Smallest was 4 tatami with a huge recently discharged US marine. Needless to say it was all suwariwaza techniques. Ah the taste of straw at 4am - there's a story there but I wont tell.

But as far as regular training - nothing too small to talk of.

batemanb 03-16-2004 12:52 AM

Quote:

Peter Rehse (PeterR) wrote:
Smallest was 4 tatami with a huge recently discharged US marine. Needless to say it was all suwariwaza techniques. Ah the taste of straw at 4am - there's a story there but I wont tell.

I'm sure there's a few quips in there too, but we keep this place clean ;):D

Regards

Bryan

PeterR 03-16-2004 01:05 AM

Quote:

Bryan Bateman (batemanb) wrote:
I'm sure there's a few quips in there too, but we keep this place clean ;):D

You are a truely evil man. :D

JJF 03-16-2004 03:21 AM

Not entirely relevant but here goes: I'm currently writing my master thesis, and is therefore on leave from job and sits at home. When I need a short break I either check out aikiweb (major time sink...:D) or I pick up either my jo or my bokken and practice a few Kata's. My office however is about 4 x 3 meters, and the ceiling is sloped on from about the middle and outwards, so I have to 'adapt' my training quite a bit.... Probably not worth much as practice, but it's a nice way to clear my mind....

Apart from that, our dojo is not very large - about 11 x 11 meters or so with two concrete pillars dividing it up. Yesterday we were almost 20 people on the mat, and we had loads of fun. Needs a great deal of care though - not to throw uke into someone else...

rachmass 03-16-2004 03:25 AM

Boy, my space isn't as horrid as what you folks have dealt with! Gives me great hope.

I've got a decent size mat, but it is long and narrow, and has wall abutting on one side (making that part of the mat less usable) and viewing area on the other (have to watch for visitors not to kick them in the face). The measurements are 5 meters by 8 meters plus an extra two tatami at the far end next to the tokonoma that has yet to be properly installed. The biggest problem is the wall. Yesterday I held my first class and was dumbstruck by the configuration and realized that unless we did lots of pins, actual throws along the short side would be impossible and we'd have to do line throws along the long side, but might only be able to get one line in instead of two. My current students are all at the point where they have enough control over their rolls whereas not to bash into the walls, but new students are going to have trouble with this.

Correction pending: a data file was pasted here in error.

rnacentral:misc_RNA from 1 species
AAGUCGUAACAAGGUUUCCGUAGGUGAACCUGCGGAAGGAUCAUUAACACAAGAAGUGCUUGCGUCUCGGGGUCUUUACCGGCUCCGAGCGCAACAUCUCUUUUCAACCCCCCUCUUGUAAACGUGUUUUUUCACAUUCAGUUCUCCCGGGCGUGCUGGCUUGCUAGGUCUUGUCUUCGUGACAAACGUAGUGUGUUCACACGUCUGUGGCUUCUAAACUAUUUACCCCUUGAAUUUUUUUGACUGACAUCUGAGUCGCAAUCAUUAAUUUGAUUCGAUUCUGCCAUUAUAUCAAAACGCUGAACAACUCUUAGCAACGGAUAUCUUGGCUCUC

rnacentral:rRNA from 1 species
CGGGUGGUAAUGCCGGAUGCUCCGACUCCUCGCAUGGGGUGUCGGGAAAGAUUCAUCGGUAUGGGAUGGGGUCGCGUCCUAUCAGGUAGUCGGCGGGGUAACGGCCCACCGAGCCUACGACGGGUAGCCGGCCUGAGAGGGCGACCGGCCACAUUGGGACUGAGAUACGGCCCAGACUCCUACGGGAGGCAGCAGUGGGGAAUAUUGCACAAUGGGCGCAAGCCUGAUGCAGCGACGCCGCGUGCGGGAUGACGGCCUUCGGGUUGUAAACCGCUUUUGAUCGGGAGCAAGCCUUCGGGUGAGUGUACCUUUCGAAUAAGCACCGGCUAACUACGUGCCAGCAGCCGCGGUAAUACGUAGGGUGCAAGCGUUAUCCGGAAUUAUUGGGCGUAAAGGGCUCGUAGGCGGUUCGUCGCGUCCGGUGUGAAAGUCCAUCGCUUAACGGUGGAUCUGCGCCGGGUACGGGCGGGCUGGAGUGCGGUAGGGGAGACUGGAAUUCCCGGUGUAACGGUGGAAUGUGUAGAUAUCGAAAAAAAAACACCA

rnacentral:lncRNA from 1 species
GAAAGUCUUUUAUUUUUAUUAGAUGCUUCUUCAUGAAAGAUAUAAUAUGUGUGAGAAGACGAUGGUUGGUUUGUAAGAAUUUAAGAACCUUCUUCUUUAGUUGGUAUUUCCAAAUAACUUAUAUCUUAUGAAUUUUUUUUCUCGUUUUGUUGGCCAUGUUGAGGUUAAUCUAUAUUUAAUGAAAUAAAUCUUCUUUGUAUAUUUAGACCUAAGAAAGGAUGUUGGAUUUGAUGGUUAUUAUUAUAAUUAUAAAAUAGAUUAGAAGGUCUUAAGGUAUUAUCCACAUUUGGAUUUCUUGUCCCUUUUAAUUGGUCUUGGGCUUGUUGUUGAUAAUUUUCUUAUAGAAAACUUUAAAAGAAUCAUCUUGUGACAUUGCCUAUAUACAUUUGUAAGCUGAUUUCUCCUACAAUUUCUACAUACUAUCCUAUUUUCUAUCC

Can't believe I made such a big mistake on my vision for this space, and wish I'd listened to my student who kept telling me "meters, not feet" with the mat.

Olaf 03-16-2004 06:15 AM

Well,

my first own space was 4 x 8 meters, and we had 4-6, sometimes 8 people training. We even did a seminar with my Sensei with about 15 people. Rolling is very limited, but not impossible. Of course you have to work in groups if you want to roll (two groups length-wise).

Now we have a space about 10,5 x 9-11 meters, with two columns dividing it into two sections of 5x9 and 5x11 meters. This gives enough room to actually train with about 20 people and still being able to roll. More would fit for a seminar, but rolling is then limited to group work.